Posts Tagged ‘#1 Record’

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Originally released in 1972 and 1974, respectively, #1 Record and Radio City can still take your breath away with their bracing guitars, soaring melodies, emotionally-charged lyrics, and song structures that often zag when you’re expecting them to zig. Though the Fab Four are an audible influence on the albums, it’s generally more White Album–era Beatles being drawn upon than A Hard Day’s Night, along with such disparate elements as Led Zeppelin’s swaggering hard rock, Kinks leader Ray Davies’ brooding introspection, and the sweet soul music of Big Star’s Memphis hometown.

In rock and roll, there are moments when bands poised to break barriers and redefine an era are held back from their destiny because of logistics, promotional neglect, bandwidth, or all of the above. In the early 1970s there was no bigger victim of all three than the band Big Star. What began as a Memphis–based quartet soon became a power trio. They were a group who created a pop rock sound that would frame the musical future of bands like R.E.M. and The Replacements (It’s safe to say that Matthew Sweet’s 1991 hit record Girlfriend wouldn’t exist if it hadn’t been for Big Star). Even Paul Stanley of KISS has called them “an early influence.” Their moment was brief but lasting.

The Memphis band was formed in 1971 by singer-songwriters Alex Chilton, Chris Bell, drummer Jody Stephens and bassist Andy Hummel. Working with Ardent Records’ founder and engineer John Fry, Chilton laid down guitar and vocal tracks — often in one take, while Bell added polish with overdubs and harmonies to songs like “The Ballad of El Goodo,” “Thirteen” and “In The Street.” #1 Record was released to wide critical acclaim, yet distribution issues severely limited the album’s availability in stores. It would sell fewer than 10,000 copies. Things didn’t improve with the two releases that followed and the band quickly dissolved.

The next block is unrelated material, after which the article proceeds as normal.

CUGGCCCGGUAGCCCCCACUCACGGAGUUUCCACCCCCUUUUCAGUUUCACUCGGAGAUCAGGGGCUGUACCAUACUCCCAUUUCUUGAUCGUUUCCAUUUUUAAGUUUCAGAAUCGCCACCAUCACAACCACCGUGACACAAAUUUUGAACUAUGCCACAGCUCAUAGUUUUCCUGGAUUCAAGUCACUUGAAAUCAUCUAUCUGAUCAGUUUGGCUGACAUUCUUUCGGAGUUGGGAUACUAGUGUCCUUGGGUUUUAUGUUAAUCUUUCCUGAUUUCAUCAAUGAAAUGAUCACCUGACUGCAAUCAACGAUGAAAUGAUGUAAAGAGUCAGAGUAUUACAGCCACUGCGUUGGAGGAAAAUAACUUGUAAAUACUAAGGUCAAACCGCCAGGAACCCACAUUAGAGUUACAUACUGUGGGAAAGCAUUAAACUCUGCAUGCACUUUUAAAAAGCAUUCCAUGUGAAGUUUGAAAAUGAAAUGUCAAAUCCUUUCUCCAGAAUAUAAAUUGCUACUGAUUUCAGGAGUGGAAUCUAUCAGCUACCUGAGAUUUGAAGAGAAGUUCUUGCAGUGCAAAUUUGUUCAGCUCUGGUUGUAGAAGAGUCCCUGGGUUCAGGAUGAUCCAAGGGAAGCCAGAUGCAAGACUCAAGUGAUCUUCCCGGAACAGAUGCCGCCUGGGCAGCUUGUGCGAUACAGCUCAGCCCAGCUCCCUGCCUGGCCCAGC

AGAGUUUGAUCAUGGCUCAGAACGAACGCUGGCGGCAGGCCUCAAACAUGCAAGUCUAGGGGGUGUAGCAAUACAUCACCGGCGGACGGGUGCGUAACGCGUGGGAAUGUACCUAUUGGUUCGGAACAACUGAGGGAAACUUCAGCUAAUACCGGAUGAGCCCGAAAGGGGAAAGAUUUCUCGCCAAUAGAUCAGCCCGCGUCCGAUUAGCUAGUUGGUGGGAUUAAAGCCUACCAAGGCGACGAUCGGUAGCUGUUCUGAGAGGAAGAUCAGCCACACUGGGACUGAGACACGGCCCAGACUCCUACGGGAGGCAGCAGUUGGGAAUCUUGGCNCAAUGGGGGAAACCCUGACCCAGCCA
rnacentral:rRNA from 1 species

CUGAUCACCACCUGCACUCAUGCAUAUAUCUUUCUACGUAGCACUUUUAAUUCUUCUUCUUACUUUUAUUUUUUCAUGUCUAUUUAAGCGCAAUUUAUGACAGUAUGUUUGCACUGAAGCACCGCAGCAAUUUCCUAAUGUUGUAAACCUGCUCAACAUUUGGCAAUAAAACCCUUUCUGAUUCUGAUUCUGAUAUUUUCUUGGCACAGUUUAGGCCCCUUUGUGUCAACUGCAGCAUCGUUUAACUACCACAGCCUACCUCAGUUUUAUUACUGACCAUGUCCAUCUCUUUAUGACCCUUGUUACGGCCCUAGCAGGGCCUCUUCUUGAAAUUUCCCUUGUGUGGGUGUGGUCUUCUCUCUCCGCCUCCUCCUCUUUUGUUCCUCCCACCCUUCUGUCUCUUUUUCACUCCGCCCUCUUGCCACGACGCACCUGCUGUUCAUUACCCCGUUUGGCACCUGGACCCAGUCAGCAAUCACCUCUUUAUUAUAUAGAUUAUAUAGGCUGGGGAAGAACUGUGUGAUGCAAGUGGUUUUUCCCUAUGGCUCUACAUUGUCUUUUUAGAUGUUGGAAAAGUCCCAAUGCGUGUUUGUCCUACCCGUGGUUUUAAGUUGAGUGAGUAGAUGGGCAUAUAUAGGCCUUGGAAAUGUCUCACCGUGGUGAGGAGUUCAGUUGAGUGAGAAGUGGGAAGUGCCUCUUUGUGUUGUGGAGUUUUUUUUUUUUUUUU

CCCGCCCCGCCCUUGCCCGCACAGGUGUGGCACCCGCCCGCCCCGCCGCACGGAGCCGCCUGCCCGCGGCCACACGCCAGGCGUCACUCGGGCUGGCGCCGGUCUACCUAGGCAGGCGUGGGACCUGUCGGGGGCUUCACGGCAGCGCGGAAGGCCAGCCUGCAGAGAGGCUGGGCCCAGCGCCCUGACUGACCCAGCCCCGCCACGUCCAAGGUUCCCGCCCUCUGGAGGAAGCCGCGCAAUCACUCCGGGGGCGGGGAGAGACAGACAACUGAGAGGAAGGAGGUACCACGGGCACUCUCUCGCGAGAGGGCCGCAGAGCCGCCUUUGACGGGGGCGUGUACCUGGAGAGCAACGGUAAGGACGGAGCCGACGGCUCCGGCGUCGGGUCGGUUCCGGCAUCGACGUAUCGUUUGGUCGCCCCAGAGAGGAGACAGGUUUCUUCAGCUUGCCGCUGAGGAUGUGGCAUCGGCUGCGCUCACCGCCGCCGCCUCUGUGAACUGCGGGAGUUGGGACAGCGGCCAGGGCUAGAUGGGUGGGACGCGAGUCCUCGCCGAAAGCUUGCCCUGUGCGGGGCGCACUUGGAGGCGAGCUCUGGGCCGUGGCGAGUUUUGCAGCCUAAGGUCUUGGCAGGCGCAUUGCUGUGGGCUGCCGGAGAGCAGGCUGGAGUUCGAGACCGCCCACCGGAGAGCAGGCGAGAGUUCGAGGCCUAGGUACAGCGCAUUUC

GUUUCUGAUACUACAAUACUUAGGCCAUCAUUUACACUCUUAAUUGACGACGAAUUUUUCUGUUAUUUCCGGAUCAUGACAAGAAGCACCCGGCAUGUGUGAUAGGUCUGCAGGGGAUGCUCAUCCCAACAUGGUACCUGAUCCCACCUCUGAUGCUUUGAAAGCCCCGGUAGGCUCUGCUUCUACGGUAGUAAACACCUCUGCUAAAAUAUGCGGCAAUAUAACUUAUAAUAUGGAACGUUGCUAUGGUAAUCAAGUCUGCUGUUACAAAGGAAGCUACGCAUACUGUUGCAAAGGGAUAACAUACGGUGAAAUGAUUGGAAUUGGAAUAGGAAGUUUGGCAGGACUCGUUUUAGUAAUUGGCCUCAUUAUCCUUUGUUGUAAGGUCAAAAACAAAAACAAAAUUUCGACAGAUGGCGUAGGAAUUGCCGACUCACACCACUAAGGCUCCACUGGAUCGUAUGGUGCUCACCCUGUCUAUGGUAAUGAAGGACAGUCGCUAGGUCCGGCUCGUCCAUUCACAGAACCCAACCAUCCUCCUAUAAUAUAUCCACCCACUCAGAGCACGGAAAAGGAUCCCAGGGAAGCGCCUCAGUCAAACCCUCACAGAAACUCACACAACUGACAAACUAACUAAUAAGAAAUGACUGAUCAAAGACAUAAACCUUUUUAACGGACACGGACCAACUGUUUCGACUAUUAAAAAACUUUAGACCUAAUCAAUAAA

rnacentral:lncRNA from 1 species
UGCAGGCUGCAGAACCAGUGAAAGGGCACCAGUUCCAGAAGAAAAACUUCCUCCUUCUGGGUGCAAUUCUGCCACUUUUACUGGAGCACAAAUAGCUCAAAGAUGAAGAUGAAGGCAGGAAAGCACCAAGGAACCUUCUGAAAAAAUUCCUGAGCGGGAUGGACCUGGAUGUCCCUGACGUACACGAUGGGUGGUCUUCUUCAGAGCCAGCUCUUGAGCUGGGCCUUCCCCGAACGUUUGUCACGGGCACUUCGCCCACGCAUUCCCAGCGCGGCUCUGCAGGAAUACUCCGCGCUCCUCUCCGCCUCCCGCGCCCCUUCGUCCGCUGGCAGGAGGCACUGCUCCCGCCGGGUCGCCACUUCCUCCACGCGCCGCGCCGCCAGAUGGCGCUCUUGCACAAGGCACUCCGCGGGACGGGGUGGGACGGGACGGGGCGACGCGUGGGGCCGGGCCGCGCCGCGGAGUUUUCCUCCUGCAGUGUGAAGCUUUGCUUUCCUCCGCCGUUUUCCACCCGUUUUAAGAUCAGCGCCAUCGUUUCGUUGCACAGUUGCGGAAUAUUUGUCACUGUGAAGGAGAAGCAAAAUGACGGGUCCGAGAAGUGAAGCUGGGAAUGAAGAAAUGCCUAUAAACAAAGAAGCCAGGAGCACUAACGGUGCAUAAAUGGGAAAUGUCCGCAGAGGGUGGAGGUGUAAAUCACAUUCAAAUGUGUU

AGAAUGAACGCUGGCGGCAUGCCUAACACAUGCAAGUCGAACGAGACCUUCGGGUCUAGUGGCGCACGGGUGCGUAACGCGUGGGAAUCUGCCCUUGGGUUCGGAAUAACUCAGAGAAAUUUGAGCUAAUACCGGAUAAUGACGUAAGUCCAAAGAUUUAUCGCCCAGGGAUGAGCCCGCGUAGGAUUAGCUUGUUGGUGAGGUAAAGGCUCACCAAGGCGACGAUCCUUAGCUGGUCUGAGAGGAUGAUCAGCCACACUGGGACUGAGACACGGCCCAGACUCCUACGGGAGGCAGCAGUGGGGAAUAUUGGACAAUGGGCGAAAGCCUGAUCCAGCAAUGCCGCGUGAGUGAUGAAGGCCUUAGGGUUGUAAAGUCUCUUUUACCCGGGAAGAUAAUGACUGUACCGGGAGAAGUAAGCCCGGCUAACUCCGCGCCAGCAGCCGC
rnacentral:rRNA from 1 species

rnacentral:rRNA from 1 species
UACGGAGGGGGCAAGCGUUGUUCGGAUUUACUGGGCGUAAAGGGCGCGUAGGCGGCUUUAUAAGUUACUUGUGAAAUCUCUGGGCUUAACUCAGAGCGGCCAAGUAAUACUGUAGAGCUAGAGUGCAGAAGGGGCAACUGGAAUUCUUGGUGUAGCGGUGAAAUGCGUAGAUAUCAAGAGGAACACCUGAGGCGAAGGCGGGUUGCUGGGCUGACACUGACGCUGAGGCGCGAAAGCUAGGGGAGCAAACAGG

Since then, awareness of their music has only grown, widening the band’s base and spreading their influence. The music they made was expansive, ambitious and anchored in their love for the British Invasion of the 1960s. The bands that lead that charge can regularly be heard within the seams and between the folds of Big Star’s infectious production. They were never focused on fame or fortune. Instead, Big Star was a creative hot shop with boundless imagination and a drive to make music that aligned strictly to their personal vision.

Now, Craft Recordings is about to reissue Big Star’s first two albums on 180-gram vinyl. It’s a Memphis based affair. Jeff Powell at Memphis’ Take Out Vinyl conducted an all-analogue mastering, and manufacturing is being handled locally at Memphis Record Pressing. This is fitting for a band that is now part of the cultural fabric of Memphis.

Jody Stephens, the last surviving member and the rhythmic heart of Big Star, about this rerelease and what he thinks matters most about the band’s enduring legacy. We continue to build an audience. People continue to be into the music and it gives us a platform to do the “Big Star’s Third Live” performances. [Live performances of Big Star’s 3rd album.] It also gives a platform for Those Pretty Wrongs with Luther Russell. We released a new album in September with Burger Records. We also did seven dates in England and two in Scotland and it was really enabled by having been in Big Star. It’s great to just to continue to play these songs, play them for this community and feel connected. I never attach physical sales or anything to it. It would be awesome if it sold a lot so that Concord (Craft Recordings) will keep doing this and continue to make the music available. That keeps us relevant and maintains our profile.

Big Star's 180-gram vinyl reissues of #1 Record and Radio City via Craft Recordings.

Craft Records is about to reissue Big Star’s acclaimed, first two albums on 180-gram vinyl.  Set for a January 24th, 202 release date, and available for pre-order now, #1 Record and Radio City feature all-analog mastering by Jeff Powell at Memphis’ Take Out Vinyl, and also manufactured locally—in Big Star’s hometown—at Memphis Record Pressing.